The Bootty is a tale of passion, the story of a bedazzlement and a heartbreak. Maud, the ardent libertine, has left, and the narrator holds true to the promise he made: that if she disappeared, he would write about her. He confides his despair to his cousin, Bernard, a collector of women who is immune to desire as well as jealousy. Two voices are thus confronted, two philosophies of sex and love: Bernard’s inflexible discourse, both incorrect and provocative and that of his cousin trapped in the vertigo of l’amour fou. The obscure Bernard, the luminous Maud – two characters who incarnate in turn the conflict in which the narrator is caught.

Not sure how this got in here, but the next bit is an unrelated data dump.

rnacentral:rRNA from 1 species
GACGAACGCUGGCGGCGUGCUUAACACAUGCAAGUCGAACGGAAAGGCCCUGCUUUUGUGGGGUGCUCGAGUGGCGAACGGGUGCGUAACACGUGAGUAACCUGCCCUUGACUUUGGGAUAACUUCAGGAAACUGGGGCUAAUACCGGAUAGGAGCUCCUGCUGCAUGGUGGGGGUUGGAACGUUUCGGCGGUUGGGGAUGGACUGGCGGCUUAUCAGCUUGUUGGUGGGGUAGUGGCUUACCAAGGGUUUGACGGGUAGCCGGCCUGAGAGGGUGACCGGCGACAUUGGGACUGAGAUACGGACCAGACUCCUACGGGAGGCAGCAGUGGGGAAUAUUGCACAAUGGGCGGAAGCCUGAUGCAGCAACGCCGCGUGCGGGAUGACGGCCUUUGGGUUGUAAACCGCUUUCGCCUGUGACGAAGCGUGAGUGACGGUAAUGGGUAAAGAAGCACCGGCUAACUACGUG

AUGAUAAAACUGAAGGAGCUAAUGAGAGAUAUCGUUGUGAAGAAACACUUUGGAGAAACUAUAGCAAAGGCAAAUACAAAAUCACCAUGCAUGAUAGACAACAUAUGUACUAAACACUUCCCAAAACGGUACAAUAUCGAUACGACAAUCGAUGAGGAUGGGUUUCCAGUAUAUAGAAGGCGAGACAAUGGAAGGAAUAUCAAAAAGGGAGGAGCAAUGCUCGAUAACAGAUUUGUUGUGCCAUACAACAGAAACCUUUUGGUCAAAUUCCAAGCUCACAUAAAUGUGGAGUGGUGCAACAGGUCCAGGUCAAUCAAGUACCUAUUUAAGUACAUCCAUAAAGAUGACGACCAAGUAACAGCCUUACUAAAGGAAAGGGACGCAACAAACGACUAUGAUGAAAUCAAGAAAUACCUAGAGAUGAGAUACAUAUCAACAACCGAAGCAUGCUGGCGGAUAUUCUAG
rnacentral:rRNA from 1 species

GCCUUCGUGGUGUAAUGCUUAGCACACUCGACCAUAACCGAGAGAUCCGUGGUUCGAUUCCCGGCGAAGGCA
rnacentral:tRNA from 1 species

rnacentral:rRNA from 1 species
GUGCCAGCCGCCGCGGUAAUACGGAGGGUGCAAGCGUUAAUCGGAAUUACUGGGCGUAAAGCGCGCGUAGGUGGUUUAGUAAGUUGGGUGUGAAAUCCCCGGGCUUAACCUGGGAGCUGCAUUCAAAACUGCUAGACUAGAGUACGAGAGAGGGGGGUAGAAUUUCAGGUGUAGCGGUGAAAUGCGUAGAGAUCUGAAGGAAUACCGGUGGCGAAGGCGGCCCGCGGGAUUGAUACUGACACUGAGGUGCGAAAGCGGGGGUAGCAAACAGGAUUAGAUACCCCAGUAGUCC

Once more, Yves Laplace leads us astray. He belongs to a family of writers who, from Céline to Bataille, choose to ignore moral standards in order to fully express the tragedy of human existence. In his sophisticated and delightful style, Laplace thus explores the dangerous zones that lay at the edges of our fantasies.
Yves Laplace was born in Genèva in 1958. A committed essay writer and play-write, he has published L’inséminateur (2001), Les dépossédés (2001), Les hautes œuvres (2001), Un mur cache la guerre (2003), L'Homme exemplaire (2004) et L’Original (2004) with Stock.